The Liberal Democrat leader wants to end the war on drugs
Finally: he speaks! And it makes a lot of sense. Liberal Democrat leader Nick Clegg has called for the UK to follow Portugal's lead and decriminalise the use and possession of drugs. His damning assessment of this country's failed "war on drugs" is backed by space-mad entrepeneur Richard Branson.
In a joint article written for the Guardian, the pair said: "As an investment, the war on drugs has failed to deliver any returns. If it were a business, it would have been shut down a long time ago. This is not what success looks like."
Clegg and Branson said that the UK needs to look to Portugal as a template and install the infrastructure that has proved so successful there – treating drug users under civil and not criminal law.
"We should look to Portugal, which removed criminal penalties for drug possession in 2001," they propose. "Portugal’s reforms have not – as many predicted – led to an increase in drug use. Instead, they have allowed resources to be redirected towards the treatment system, with dramatic reductions in addiction, HIV infections and drug-related deaths."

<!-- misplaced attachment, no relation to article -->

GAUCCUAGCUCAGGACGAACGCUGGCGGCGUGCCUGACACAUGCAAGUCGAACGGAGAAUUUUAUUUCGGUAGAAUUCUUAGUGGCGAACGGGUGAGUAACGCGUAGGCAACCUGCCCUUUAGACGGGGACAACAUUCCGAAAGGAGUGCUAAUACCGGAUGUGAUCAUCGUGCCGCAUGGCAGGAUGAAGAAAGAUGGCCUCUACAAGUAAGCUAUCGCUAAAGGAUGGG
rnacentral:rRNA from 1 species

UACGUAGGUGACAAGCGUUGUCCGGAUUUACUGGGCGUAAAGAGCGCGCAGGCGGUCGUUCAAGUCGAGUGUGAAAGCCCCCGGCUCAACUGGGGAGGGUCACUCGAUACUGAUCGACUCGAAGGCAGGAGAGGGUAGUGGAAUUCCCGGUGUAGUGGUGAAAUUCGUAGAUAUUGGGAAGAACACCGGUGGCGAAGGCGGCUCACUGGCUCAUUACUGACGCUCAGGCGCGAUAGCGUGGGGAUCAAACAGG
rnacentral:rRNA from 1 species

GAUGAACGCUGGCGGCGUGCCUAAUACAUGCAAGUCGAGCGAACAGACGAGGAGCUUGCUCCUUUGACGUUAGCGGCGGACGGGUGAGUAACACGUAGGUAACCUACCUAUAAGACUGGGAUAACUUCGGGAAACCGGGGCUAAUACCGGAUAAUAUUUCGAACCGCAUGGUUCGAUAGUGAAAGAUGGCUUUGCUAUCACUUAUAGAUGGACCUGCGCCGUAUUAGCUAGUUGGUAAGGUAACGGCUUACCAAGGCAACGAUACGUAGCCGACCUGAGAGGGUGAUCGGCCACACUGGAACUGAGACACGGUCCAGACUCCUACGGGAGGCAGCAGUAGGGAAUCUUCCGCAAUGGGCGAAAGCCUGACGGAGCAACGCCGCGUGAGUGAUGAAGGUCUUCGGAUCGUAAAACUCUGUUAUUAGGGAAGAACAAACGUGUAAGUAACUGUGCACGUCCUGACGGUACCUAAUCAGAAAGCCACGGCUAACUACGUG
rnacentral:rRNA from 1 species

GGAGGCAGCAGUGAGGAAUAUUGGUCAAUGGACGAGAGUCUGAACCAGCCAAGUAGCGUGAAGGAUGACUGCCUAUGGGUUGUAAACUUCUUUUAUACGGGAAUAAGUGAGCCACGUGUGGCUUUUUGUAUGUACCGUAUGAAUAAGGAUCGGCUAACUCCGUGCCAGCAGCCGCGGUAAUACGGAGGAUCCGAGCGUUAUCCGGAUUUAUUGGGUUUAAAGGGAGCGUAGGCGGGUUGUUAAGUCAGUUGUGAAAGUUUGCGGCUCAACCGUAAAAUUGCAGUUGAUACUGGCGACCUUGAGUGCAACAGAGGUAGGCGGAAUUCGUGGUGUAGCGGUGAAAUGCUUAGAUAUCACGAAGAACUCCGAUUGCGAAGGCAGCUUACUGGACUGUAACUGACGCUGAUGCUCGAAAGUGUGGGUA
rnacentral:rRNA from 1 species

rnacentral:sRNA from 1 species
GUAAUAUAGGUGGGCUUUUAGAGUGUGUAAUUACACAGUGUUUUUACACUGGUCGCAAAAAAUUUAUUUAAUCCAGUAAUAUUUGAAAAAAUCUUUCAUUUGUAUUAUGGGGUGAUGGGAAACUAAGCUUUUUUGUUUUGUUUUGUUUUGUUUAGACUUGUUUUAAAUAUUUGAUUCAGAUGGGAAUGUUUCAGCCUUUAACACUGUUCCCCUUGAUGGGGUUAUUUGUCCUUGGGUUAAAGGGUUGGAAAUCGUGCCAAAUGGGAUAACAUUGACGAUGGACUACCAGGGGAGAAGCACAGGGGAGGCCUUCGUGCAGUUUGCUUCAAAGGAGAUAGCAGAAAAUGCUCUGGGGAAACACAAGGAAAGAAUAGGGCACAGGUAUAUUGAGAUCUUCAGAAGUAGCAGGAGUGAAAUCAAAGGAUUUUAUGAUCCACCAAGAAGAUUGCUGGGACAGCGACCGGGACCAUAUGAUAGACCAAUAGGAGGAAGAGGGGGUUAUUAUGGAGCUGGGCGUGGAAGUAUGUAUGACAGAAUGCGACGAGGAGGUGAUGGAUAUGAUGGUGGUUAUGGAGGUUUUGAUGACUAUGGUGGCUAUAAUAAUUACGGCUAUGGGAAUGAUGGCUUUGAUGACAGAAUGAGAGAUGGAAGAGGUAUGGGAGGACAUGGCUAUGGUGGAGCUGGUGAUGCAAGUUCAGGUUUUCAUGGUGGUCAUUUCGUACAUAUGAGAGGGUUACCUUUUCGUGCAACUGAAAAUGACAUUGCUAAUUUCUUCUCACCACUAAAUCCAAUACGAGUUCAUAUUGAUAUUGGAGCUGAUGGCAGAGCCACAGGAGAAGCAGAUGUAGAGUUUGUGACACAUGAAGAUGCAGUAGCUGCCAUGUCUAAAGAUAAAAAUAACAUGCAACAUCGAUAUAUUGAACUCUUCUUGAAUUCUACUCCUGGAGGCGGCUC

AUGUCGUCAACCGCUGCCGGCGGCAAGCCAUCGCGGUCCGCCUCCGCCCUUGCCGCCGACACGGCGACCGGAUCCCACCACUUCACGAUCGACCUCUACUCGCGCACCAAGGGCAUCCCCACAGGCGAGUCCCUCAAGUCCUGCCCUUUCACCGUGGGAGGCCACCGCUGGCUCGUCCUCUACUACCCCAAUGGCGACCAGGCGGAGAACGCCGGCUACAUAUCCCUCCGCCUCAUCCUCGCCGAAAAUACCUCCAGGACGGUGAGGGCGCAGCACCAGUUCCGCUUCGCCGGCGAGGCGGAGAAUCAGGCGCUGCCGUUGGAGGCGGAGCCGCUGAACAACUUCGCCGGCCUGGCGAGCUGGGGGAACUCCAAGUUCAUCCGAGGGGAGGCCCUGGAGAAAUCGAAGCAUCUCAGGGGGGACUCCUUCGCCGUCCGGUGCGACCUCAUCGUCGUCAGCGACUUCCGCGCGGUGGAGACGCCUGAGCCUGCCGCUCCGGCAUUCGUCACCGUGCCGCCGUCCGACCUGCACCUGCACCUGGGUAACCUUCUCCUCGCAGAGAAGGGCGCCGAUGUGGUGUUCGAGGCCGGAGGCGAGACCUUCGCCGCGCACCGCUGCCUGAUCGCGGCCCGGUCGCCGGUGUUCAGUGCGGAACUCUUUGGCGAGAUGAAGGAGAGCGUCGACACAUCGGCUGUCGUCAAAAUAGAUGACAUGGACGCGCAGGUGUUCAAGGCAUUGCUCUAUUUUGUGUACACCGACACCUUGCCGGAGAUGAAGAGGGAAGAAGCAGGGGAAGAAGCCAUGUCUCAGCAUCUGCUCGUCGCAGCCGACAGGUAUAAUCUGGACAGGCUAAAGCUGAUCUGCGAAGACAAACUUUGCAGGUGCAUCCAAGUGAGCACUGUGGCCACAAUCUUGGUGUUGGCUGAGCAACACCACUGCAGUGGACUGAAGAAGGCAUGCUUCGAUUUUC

"Drugs remain illegal and socially unacceptable, as they should be, but drug users are dealt with through the civil rather than the criminal law. Anyone who is arrested for drug possession is immediately assessed and sent for treatment or education. If they fail to engage, they have to pay a fine."
Currently, the limits for possession for personal use in Portugal are 25g of cannabis, 1g of MDMA, 2g of cocaine, 1g of heroin, 10g of opium and 2g of morphine.
Branson appeared on last night's controversial Channel 4 show Drugs Live and spoke of the need for reform, labelling it wrong that so many young people are criminalised simply for smoking a joint.
Clegg will address a conference on the topic today and include the pledge to make drug use an issue for the Department of Health rather than the Home Office in the Liberal Democrat manifesto. David Cameron has said that he is against the decriminalisation of drugs.
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